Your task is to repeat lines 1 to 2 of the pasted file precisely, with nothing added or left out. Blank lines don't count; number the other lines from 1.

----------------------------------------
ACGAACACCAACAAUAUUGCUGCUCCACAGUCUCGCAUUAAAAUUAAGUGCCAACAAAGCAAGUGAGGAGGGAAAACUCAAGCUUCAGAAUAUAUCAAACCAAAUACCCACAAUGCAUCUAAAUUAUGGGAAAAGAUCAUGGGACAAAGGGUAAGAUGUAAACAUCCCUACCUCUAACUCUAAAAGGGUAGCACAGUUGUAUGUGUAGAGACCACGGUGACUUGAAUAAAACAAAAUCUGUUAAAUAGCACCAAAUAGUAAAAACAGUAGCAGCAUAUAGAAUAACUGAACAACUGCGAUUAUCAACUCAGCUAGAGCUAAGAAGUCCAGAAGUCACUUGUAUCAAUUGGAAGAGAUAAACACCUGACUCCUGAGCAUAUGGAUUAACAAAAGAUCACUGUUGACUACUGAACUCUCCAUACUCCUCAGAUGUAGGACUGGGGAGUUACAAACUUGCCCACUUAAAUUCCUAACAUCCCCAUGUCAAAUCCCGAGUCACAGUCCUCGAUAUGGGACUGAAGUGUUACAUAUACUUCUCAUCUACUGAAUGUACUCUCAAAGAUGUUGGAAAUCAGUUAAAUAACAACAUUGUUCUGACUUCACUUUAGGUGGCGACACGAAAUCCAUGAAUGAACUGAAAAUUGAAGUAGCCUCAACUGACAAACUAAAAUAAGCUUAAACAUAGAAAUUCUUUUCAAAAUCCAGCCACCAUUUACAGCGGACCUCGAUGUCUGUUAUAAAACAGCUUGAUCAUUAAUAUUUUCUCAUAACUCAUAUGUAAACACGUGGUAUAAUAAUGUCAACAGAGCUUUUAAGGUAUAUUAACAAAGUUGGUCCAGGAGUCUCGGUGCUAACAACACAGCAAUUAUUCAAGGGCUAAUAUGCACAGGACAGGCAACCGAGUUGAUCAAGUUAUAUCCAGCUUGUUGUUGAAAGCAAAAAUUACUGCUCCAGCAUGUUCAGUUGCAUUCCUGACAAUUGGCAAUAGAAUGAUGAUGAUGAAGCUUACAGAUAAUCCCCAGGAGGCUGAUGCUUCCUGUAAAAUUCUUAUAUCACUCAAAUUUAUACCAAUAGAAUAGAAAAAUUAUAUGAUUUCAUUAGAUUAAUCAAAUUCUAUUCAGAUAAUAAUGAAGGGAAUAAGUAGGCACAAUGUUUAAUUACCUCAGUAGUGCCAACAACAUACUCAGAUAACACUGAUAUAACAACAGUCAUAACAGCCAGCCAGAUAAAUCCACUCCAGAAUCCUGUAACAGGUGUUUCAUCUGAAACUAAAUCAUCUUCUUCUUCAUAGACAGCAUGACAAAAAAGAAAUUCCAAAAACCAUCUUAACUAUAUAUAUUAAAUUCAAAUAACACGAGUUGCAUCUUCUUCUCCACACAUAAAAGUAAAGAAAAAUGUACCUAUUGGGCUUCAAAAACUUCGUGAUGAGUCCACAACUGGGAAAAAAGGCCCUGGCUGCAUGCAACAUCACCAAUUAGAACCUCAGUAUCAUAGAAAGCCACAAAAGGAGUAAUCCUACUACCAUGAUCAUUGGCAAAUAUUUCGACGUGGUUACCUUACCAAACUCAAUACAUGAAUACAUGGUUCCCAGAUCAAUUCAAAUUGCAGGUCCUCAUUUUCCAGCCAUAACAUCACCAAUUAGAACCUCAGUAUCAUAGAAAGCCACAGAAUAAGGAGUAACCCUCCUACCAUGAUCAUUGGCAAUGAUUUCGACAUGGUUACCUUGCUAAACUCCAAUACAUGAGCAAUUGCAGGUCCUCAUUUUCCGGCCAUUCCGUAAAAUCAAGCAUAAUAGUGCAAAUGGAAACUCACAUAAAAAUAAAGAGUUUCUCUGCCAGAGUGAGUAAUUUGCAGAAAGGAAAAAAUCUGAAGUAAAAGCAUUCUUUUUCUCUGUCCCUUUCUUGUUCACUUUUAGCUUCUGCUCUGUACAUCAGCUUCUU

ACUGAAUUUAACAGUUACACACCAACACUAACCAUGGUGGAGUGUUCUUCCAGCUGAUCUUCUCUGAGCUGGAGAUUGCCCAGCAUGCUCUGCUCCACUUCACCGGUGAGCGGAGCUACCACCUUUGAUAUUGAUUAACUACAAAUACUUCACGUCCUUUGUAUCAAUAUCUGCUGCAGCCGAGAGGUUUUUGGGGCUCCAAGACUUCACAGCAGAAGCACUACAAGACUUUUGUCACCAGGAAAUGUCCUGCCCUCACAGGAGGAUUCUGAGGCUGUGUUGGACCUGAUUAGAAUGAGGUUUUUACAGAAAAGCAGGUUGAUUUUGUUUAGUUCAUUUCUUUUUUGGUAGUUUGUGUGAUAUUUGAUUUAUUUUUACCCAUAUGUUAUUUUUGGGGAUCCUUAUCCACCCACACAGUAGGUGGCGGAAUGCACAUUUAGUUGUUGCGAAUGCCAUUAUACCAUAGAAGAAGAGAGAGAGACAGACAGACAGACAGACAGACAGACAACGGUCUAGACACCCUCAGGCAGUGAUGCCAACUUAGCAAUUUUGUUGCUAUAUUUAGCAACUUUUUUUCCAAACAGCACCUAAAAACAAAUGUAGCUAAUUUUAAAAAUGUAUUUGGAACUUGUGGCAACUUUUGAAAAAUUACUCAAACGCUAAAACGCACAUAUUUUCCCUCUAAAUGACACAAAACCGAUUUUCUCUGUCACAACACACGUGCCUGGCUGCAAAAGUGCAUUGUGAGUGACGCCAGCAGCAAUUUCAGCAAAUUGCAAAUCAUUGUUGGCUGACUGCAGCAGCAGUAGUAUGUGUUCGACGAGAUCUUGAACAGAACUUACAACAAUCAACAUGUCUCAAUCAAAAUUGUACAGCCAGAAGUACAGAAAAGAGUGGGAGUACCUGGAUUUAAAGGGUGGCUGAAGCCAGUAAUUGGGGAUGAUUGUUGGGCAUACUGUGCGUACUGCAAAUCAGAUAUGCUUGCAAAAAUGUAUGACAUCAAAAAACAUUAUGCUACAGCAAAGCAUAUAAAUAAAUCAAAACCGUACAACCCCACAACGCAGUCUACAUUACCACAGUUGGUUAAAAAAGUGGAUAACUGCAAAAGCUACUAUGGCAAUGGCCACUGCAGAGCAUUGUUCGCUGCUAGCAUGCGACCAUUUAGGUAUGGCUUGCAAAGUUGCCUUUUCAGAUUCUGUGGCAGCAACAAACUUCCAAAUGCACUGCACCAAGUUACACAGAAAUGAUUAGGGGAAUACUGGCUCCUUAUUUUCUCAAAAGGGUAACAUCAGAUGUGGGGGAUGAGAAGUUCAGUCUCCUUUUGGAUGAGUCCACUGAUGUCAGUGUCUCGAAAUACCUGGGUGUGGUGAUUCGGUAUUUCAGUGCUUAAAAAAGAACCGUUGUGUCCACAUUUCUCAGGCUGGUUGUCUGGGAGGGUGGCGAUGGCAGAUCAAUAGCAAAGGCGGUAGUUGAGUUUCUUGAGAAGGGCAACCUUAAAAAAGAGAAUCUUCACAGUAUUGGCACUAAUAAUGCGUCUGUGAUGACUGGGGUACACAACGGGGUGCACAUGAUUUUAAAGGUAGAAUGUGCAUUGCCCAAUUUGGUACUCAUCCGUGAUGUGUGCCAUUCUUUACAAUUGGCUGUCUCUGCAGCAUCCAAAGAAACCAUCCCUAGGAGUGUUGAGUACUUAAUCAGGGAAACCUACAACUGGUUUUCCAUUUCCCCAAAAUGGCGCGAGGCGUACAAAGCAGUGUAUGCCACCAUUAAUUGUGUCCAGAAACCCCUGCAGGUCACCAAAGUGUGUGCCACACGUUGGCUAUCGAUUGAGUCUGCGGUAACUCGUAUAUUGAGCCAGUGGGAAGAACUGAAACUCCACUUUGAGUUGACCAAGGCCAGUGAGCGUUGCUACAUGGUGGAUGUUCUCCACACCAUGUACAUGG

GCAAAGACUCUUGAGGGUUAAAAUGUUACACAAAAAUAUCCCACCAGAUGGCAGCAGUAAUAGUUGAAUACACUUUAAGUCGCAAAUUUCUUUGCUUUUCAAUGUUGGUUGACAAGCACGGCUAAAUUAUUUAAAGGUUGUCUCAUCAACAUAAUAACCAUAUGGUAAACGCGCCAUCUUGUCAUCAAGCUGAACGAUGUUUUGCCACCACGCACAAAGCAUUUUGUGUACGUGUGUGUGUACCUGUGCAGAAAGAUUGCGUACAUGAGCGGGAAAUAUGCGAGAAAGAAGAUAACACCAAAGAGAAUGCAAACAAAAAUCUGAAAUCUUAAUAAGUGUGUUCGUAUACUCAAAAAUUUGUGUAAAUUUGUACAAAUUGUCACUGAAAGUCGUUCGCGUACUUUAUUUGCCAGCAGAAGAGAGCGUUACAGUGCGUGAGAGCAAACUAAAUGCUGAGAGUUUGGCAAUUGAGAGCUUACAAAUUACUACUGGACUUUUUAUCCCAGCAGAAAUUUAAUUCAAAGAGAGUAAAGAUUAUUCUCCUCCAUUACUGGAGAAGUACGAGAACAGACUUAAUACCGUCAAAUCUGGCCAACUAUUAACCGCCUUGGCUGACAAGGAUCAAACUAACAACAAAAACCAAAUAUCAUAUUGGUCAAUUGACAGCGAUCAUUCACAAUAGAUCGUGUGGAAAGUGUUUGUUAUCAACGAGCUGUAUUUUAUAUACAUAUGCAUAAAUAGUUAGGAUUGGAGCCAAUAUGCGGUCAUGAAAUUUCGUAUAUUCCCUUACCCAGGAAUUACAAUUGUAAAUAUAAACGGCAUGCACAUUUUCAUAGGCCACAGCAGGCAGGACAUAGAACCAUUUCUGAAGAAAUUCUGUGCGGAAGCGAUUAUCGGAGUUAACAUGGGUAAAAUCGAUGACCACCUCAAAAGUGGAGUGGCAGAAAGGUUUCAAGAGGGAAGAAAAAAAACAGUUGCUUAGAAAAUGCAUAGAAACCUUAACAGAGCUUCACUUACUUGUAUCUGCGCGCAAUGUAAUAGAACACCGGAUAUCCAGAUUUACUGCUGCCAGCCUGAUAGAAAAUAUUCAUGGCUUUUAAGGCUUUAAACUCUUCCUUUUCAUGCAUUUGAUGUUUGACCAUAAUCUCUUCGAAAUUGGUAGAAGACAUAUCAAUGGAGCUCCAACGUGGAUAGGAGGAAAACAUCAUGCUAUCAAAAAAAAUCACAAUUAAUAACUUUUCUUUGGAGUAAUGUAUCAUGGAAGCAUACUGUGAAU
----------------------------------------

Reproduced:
ACGAACACCAACAAUAUUGCUGCUCCACAGUCUCGCAUUAAAAUUAAGUGCCAACAAAGCAAGUGAGGAGGGAAAACUCAAGCUUCAGAAUAUAUCAAACCAAAUACCCACAAUGCAUCUAAAUUAUGGGAAAAGAUCAUGGGACAAAGGGUAAGAUGUAAACAUCCCUACCUCUAACUCUAAAAGGGUAGCACAGUUGUAUGUGUAGAGACCACGGUGACUUGAAUAAAACAAAAUCUGUUAAAUAGCACCAAAUAGUAAAAACAGUAGCAGCAUAUAGAAUAACUGAACAACUGCGAUUAUCAACUCAGCUAGAGCUAAGAAGUCCAGAAGUCACUUGUAUCAAUUGGAAGAGAUAAACACCUGACUCCUGAGCAUAUGGAUUAACAAAAGAUCACUGUUGACUACUGAACUCUCCAUACUCCUCAGAUGUAGGACUGGGGAGUUACAAACUUGCCCACUUAAAUUCCUAACAUCCCCAUGUCAAAUCCCGAGUCACAGUCCUCGAUAUGGGACUGAAGUGUUACAUAUACUUCUCAUCUACUGAAUGUACUCUCAAAGAUGUUGGAAAUCAGUUAAAUAACAACAUUGUUCUGACUUCACUUUAGGUGGCGACACGAAAUCCAUGAAUGAACUGAAAAUUGAAGUAGCCUCAACUGACAAACUAAAAUAAGCUUAAACAUAGAAAUUCUUUUCAAAAUCCAGCCACCAUUUACAGCGGACCUCGAUGUCUGUUAUAAAACAGCUUGAUCAUUAAUAUUUUCUCAUAACUCAUAUGUAAACACGUGGUAUAAUAAUGUCAACAGAGCUUUUAAGGUAUAUUAACAAAGUUGGUCCAGGAGUCUCGGUGCUAACAACACAGCAAUUAUUCAAGGGCUAAUAUGCACAGGACAGGCAACCGAGUUGAUCAAGUUAUAUCCAGCUUGUUGUUGAAAGCAAAAAUUACUGCUCCAGCAUGUUCAGUUGCAUUCCUGACAAUUGGCAAUAGAAUGAUGAUGAUGAAGCUUACAGAUAAUCCCCAGGAGGCUGAUGCUUCCUGUAAAAUUCUUAUAUCACUCAAAUUUAUACCAAUAGAAUAGAAAAAUUAUAUGAUUUCAUUAGAUUAAUCAAAUUCUAUUCAGAUAAUAAUGAAGGGAAUAAGUAGGCACAAUGUUUAAUUACCUCAGUAGUGCCAACAACAUACUCAGAUAACACUGAUAUAACAACAGUCAUAACAGCCAGCCAGAUAAAUCCACUCCAGAAUCCUGUAACAGGUGUUUCAUCUGAAACUAAAUCAUCUUCUUCUUCAUAGACAGCAUGACAAAAAAGAAAUUCCAAAAACCAUCUUAACUAUAUAUAUUAAAUUCAAAUAACACGAGUUGCAUCUUCUUCUCCACACAUAAAAGUAAAGAAAAAUGUACCUAUUGGGCUUCAAAAACUUCGUGAUGAGUCCACAACUGGGAAAAAAGGCCCUGGCUGCAUGCAACAUCACCAAUUAGAACCUCAGUAUCAUAGAAAGCCACAAAAGGAGUAAUCCUACUACCAUGAUCAUUGGCAAAUAUUUCGACGUGGUUACCUUACCAAACUCAAUACAUGAAUACAUGGUUCCCAGAUCAAUUCAAAUUGCAGGUCCUCAUUUUCCAGCCAUAACAUCACCAAUUAGAACCUCAGUAUCAUAGAAAGCCACAGAAUAAGGAGUAACCCUCCUACCAUGAUCAUUGGCAAUGAUUUCGACAUGGUUACCUUGCUAAACUCCAAUACAUGAGCAAUUGCAGGUCCUCAUUUUCCGGCCAUUCCGUAAAAUCAAGCAUAAUAGUGCAAAUGGAAACUCACAUAAAAAUAAAGAGUUUCUCUGCCAGAGUGAGUAAUUUGCAGAAAGGAAAAAAUCUGAAGUAAAAGCAUUCUUUUUCUCUGUCCCUUUCUUGUUCACUUUUAGCUUCUGCUCUGUACAUCAGCUUCUU

ACUGAAUUUAACAGUUACACACCAACACUAACCAUGGUGGAGUGUUCUUCCAGCUGAUCUUCUCUGAGCUGGAGAUUGCCCAGCAUGCUCUGCUCCACUUCACCGGUGAGCGGAGCUACCACCUUUGAUAUUGAUUAACUACAAAUACUUCACGUCCUUUGUAUCAAUAUCUGCUGCAGCCGAGAGGUUUUUGGGGCUCCAAGACUUCACAGCAGAAGCACUACAAGACUUUUGUCACCAGGAAAUGUCCUGCCCUCACAGGAGGAUUCUGAGGCUGUGUUGGACCUGAUUAGAAUGAGGUUUUUACAGAAAAGCAGGUUGAUUUUGUUUAGUUCAUUUCUUUUUUGGUAGUUUGUGUGAUAUUUGAUUUAUUUUUACCCAUAUGUUAUUUUUGGGGAUCCUUAUCCACCCACACAGUAGGUGGCGGAAUGCACAUUUAGUUGUUGCGAAUGCCAUUAUACCAUAGAAGAAGAGAGAGAGACAGACAGACAGACAGACAGACAGACAACGGUCUAGACACCCUCAGGCAGUGAUGCCAACUUAGCAAUUUUGUUGCUAUAUUUAGCAACUUUUUUUCCAAACAGCACCUAAAAACAAAUGUAGCUAAUUUUAAAAAUGUAUUUGGAACUUGUGGCAACUUUUGAAAAAUUACUCAAACGCUAAAACGCACAUAUUUUCCCUCUAAAUGACACAAAACCGAUUUUCUCUGUCACAACACACGUGCCUGGCUGCAAAAGUGCAUUGUGAGUGACGCCAGCAGCAAUUUCAGCAAAUUGCAAAUCAUUGUUGGCUGACUGCAGCAGCAGUAGUAUGUGUUCGACGAGAUCUUGAACAGAACUUACAACAAUCAACAUGUCUCAAUCAAAAUUGUACAGCCAGAAGUACAGAAAAGAGUGGGAGUACCUGGAUUUAAAGGGUGGCUGAAGCCAGUAAUUGGGGAUGAUUGUUGGGCAUACUGUGCGUACUGCAAAUCAGAUAUGCUUGCAAAAAUGUAUGACAUCAAAAAACAUUAUGCUACAGCAAAGCAUAUAAAUAAAUCAAAACCGUACAACCCCACAACGCAGUCUACAUUACCACAGUUGGUUAAAAAAGUGGAUAACUGCAAAAGCUACUAUGGCAAUGGCCACUGCAGAGCAUUGUUCGCUGCUAGCAUGCGACCAUUUAGGUAUGGCUUGCAAAGUUGCCUUUUCAGAUUCUGUGGCAGCAACAAACUUCCAAAUGCACUGCACCAAGUUACACAGAAAUGAUUAGGGGAAUACUGGCUCCUUAUUUUCUCAAAAGGGUAACAUCAGAUGUGGGGGAUGAGAAGUUCAGUCUCCUUUUGGAUGAGUCCACUGAUGUCAGUGUCUCGAAAUACCUGGGUGUGGUGAUUCGGUAUUUCAGUGCUUAAAAAAGAACCGUUGUGUCCACAUUUCUCAGGCUGGUUGUCUGGGAGGGUGGCGAUGGCAGAUCAAUAGCAAAGGCGGUAGUUGAGUUUCUUGAGAAGGGCAACCUUAAAAAAGAGAAUCUUCACAGUAUUGGCACUAAUAAUGCGUCUGUGAUGACUGGGGUACACAACGGGGUGCACAUGAUUUUAAAGGUAGAAUGUGCAUUGCCCAAUUUGGUACUCAUCCGUGAUGUGUGCCAUUCUUUACAAUUGGCUGUCUCUGCAGCAUCCAAAGAAACCAUCCCUAGGAGUGUUGAGUACUUAAUCAGGGAAACCUACAACUGGUUUUCCAUUUCCCCAAAAUGGCGCGAGGCGUACAAAGCAGUGUAUGCCACCAUUAAUUGUGUCCAGAAACCCCUGCAGGUCACCAAAGUGUGUGCCACACGUUGGCUAUCGAUUGAGUCUGCGGUAACUCGUAUAUUGAGCCAGUGGGAAGAACUGAAACUCCACUUUGAGUUGACCAAGGCCAGUGAGCGUUGCUACAUGGUGGAUGUUCUCCACACCAUGUACAUGG